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Performance-related pay in the public sector: Experimentation with humility is an appropriate stance, given the state of the evidence

Nick Manning's picture

Pay Flexibility book coverA new publication on Pay Flexibility and Government Performance[1] finds that, in this area as in so many aspects of public sector management, practitioners are hampered by a lack of high quality evidence, particularly for PRP in core administrative public sector jobs.  The publication draws on a two sets of data: a review of the literature on Performance-Related Pay in the Public Sector[2] which disaggregates the available evidence by the different public sector contexts, the different types of public sector jobs, the quality of the empirical study, and the economic context; and case studies of PRP in emerging market and OECD countries, which included large perception surveys of government officials.

A related article in the World Bank Research Observer notes that this has not limited the remarkable certainty which opponents and proponents of PRP adopt concerning recommendations for reform.  Opponents march behind populist banners such as that provided by Pink[3], appealing to the idea that monetary and other extrinsic incentives are both counterproductive (because they frequently undermine intrinsic incentives) and unnecessary (because intrinsic incentives can be harnessed and used to maximize individual productivity).

Proponents argue that if the vast majority of OECD governments are doing this, then there must be something to it.[4]  Both are drawing on a weak set of data that can be summarized like this:

  1. The overall body of evidence paints a generally supportive picture of performance pay in most jobs (61% of 153 studies examined);
  2. When the jobs in question are narrowed to those where the processes followed by staff are hard to observe, a situation very typical for many public sector administrative jobs (a la Wilson[5], these are “craft” or “coping” jobs), still 60% of the 110 studies find positive results;
  3. However, when focusing even more narrowly on “coping” jobs, which more closely resemble those found in the core civil service, the number of studies becomes trivial, and there are none that assist in understanding the relevance of PRP to such jobs outside of the OECD.
The bottom line is that there is every reason to be more open about the possibility that performance-related pay has something to offer the public sector – but just as many reasons for modesty and cautious experimentation.  (Hasnain and Manning 2014) supplements literature review findings with detailed case studies examining pay flexibility (defined as a compound of performance-related pay initiatives and pay differentiation arrangements between agencies, career groups, and/or geographical locations which respond to the need to compete for specific skills in different labor markets).  It suggests that while pay flexibility has often been ruled out a priori in World Bank and other donor advice in the past, there is justification for some experimentation by job family – or, in situations where successive generations of pay reforms have led to somewhat inchoate pay strategy, some experimentation by entity.   In both cases, “learning as you go” is a better message than self-righteous ex ante certainty.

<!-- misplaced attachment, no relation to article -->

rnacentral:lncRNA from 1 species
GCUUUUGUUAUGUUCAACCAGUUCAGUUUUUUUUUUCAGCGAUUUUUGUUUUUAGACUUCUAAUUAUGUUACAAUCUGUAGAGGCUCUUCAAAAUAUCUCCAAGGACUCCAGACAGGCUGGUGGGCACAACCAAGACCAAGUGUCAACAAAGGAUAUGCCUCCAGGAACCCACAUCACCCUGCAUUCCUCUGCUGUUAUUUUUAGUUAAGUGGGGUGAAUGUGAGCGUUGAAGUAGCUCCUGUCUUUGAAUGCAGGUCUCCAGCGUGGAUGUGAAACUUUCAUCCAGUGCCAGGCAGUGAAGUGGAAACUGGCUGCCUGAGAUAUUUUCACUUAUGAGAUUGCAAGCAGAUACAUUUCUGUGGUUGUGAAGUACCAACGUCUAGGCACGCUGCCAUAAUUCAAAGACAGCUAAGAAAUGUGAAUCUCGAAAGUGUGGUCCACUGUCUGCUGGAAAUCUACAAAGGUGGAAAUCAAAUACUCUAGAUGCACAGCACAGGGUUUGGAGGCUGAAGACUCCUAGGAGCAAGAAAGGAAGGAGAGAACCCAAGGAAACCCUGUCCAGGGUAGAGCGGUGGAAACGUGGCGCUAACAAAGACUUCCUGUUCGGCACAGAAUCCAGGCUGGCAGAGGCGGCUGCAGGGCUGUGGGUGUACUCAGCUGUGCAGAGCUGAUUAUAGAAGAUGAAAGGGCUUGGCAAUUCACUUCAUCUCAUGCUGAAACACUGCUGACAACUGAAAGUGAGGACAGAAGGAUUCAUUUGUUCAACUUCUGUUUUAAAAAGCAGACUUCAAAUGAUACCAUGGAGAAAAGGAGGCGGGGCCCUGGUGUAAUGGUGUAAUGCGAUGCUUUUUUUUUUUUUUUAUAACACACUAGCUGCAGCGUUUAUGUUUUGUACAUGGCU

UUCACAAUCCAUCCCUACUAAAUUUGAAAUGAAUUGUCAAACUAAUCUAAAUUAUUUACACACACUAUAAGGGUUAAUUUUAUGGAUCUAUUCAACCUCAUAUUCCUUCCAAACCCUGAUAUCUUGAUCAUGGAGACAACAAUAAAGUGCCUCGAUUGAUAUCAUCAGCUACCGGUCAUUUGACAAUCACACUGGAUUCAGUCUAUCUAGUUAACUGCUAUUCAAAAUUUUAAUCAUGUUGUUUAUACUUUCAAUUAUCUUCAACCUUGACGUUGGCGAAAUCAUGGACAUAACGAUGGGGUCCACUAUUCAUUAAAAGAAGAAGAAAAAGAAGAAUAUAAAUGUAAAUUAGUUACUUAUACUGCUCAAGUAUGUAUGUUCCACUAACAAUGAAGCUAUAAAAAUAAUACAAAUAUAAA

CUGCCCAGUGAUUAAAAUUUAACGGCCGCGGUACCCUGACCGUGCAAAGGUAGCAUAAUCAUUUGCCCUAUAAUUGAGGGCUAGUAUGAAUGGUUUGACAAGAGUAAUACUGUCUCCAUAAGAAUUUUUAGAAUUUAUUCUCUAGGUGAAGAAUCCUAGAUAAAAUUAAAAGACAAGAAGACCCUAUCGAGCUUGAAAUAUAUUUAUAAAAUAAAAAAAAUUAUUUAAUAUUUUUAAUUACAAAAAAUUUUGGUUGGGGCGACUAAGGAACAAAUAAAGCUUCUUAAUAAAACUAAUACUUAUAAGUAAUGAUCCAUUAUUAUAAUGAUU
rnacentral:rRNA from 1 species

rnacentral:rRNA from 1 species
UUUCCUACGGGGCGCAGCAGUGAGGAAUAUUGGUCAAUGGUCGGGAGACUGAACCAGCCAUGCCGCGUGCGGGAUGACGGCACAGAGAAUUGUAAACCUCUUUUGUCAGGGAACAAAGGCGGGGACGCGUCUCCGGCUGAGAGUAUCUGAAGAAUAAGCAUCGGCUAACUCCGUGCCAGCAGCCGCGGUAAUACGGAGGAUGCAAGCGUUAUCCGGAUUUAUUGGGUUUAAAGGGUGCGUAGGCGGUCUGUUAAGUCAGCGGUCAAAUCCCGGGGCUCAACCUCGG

[1]     Hasnain, Z. and N. Manning (2014), Pay Flexibility and Government Performance, Washington DC, World Bank.
[2]     Hasnain, Z., N. Manning, et al. (2012). Performance-Related Pay in the Public Sector: A Review of Theory and Evidence (World Bank Policy Research Working Paper 6043). World Bank, Washington DC
[3]     Pink, D. H. 2009. Drive: the surprising truth about what motivates us. New York: Riverhead.
[4]     Currently, 28 of the 34 OECD countries have introduced PRP in some form (OECD 2011. Government at a Glance. Paris: OECD.)
[5]     Wilson, J. Q. 1989. Bureaucracy: What Government Agencies Do and Why They Do It. New York: Basic Books.


Submitted by Jonathan Pavluk on

Is it actually the case that "pay flexibility has often been ruled out a priori in World Bank and other donor advice in the past"? Not in my experience. I have seen more than one World Bank project where performance-related pay was championed and successfully incorporated in public sector reform projects, with World Bank support, and not just for special "job families" consisting of "coping" (or other specially defined) jobs: most pertinently in recovery for fragile and conflict-affected states (FCS). The results in places such as Liberia are encouraging. I would be interested in knowing if you really think that the "science of delivery" on PRP can be properly derived from all these the OECD countries' experiences, where the public sector services are by and large functional to begin with, rather than being more relevantly derived from lessons of experience with the FCS and non-OECD countries.

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